The Anthropologie link has been wonderful for us as an introduction to the US market. We very much like to continue and hope more American department stores will spot us.
Love these bird pillows!
Blair: The mix of fabrics in each of your cushions seem to be gathered and unlikely paired (which I mean in a very complimentary way). I love the sort of magpie feeling. How do you start these pieces? Do you let instinct be your guide when picking fabrics? Or are they planned and sewn to work with certain color ranges?
Carola: I pick up bits and pieces of fabric wherever I go. The vintage curtains, blankets, buttons are bought at flea markets, carboot sales, secondhand shops, antique stalls, hand-me-downs (the people in our village know I am always on the scrounge for old fabrics- curtains, and there is quite often a bin bag with note left at the back door), but also online.
I buy end of line rolls from British factories, which will otherwise be destroyed. I need some sort of continuity for the cushions and a bit for the heads, as people often want exactly what they have seen in that magazine, at that show etc. When I go buying, I literally buy anything that I feel I can use at some point, but with no particular idea in mind. Sometimes they stay unused for a few months until the right design comes up and they are just perfect for the job.
I use the vintage fabrics mainly for smaller parts in my work and as contrast with the tweeds and linens. I buy those in the same way as the new fabrics, if it feels right, just buy it, an utter intuitive decision-making process!
For the heads I also use kilim rugs, which can be found at auctions, and house clearances etc.
They all go through a cleaning process, the curtains in the wash, and the rugs are vigorously scrubbed and furiously steamed, to be then sorted to colour and placed in a huge cabinet with the others in my studio.
I love using fabrics that contrast each other, the warm tweeds together with colder silks, the soft velvet with the harsh linen, fragile fabrics with pitted rough ones. You can actually put a whole world of colours and textures together, you just need the confidence (and some experience, knowledge and bit of talent) to do it right.
I have 100s of fabrics in my studio, and when I design, everything gets pulled of its shelves and put into place till I have found the right one.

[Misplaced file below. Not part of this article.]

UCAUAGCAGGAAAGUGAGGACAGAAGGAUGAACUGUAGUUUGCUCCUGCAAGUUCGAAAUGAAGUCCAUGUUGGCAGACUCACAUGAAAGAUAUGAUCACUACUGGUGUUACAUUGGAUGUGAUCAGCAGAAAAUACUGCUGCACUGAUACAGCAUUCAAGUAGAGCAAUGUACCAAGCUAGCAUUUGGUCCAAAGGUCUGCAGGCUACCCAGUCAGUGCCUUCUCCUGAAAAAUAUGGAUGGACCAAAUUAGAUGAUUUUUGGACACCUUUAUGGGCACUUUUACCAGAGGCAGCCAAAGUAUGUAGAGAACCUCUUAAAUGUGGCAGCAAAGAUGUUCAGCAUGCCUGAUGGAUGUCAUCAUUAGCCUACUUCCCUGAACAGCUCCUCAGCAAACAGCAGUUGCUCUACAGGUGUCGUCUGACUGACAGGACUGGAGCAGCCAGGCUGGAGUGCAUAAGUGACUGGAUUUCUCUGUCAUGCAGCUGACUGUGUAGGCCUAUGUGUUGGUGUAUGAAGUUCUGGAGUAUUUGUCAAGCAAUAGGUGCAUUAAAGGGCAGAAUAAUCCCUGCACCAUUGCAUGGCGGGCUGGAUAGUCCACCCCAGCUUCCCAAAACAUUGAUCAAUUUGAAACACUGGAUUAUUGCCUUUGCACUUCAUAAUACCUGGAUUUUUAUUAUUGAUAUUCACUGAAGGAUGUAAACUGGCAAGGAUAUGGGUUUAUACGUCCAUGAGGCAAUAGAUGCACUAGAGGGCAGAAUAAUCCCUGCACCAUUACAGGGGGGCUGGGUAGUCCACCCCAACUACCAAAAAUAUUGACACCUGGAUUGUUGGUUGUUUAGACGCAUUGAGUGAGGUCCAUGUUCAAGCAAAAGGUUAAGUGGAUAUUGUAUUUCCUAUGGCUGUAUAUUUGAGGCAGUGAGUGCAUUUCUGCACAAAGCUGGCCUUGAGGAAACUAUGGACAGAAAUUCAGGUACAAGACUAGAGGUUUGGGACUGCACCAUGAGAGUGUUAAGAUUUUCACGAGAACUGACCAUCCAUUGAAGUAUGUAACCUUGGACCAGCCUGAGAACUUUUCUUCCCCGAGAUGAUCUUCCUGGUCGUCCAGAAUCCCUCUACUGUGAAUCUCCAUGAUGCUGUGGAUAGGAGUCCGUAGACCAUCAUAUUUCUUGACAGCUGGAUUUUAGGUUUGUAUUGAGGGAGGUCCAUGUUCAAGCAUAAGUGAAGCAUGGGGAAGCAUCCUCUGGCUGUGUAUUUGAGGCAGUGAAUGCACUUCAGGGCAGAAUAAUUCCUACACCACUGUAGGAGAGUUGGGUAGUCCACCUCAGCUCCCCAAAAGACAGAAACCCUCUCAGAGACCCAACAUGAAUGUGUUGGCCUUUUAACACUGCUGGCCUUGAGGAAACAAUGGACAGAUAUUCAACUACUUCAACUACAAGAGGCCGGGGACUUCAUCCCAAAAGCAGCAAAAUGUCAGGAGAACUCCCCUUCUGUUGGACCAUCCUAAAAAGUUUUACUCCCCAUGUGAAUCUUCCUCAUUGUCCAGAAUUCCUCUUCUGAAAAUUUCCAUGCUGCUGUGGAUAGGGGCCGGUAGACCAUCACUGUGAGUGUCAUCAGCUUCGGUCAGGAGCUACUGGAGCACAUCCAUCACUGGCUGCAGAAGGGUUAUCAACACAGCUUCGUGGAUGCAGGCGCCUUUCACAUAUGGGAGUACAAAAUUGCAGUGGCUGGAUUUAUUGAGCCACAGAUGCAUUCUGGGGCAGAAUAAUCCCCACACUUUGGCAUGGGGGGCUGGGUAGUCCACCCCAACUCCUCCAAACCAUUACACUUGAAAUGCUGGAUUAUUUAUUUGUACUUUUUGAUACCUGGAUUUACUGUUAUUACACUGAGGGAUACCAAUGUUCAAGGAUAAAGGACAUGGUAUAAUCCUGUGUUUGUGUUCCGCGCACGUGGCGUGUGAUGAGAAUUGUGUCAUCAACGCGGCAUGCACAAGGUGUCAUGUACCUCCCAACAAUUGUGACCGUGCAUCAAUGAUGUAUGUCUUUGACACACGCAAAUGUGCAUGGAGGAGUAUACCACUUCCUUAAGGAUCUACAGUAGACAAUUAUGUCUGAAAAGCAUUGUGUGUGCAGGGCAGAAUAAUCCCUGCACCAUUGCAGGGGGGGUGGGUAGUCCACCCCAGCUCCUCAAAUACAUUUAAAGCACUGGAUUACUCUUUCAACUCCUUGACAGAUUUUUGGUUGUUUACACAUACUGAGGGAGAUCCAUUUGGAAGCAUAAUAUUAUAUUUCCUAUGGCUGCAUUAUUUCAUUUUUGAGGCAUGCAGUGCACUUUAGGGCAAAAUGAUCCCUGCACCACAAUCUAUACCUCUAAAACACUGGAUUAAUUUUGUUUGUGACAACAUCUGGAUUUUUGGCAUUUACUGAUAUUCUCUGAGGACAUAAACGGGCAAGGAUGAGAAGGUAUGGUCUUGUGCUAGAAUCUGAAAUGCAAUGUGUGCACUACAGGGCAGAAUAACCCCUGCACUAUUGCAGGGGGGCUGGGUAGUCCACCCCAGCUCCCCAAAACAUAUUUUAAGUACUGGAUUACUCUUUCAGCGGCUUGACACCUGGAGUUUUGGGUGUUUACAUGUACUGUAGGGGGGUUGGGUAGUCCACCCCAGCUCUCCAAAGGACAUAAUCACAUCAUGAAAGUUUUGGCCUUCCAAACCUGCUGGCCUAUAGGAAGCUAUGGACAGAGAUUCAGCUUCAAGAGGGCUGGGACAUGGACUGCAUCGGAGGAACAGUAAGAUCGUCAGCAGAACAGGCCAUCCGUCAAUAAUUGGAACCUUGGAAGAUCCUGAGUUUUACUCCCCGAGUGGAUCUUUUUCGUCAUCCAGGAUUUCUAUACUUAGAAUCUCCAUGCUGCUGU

I sketch the animal portraits first till I have a good composition, but the rest is more of an intuitive decision- as if I think through my hands. The shapes change in a spontaneous action (hand-eye co-ordination with a pair of scissors), just do and create!
The top stitching is all done on very old industrial machines, not modern freehand ones, to create a rough looking sketch, not a perfect embroidery. I love the rough sketching style of the machines, some lines are stitched too far, the length of the stitch is different all the time or you have to go over it a few times, like a drawing.
I know usually what colour and texture I have in mind for a certain design. I will then be on the look out for fabrics, blankets, throws, rugs that are close to what I have in mind and buy them all. I will create the final design with the ones that work best, and pull out all the other materials that I have bought a previous time. But sometimes it doesn’t quite work out as well as I thought and I will need to abandon the new fabrics, as something that has been in my studio for ages is the perfect answer. This does mean that the entire design has to be changed, because of that small change you made with not having the right bit of vintage fabric!
For practicality, I can’t use something that I only have a small piece of (in the cushions). I need to be able to repeat the process, and even if it is the most amazing piece of fabric, colour , texture, everything, I cannot use that piece. Those pieces will go in a special box and will go to my one off art works.
I frequently run out of my vintage fabrics, but the pieces will then be replaced with something similar, that fits in well. You never really find the same fabrics, but that is fine. It keeps the cushions exciting, fresh, limited edition etc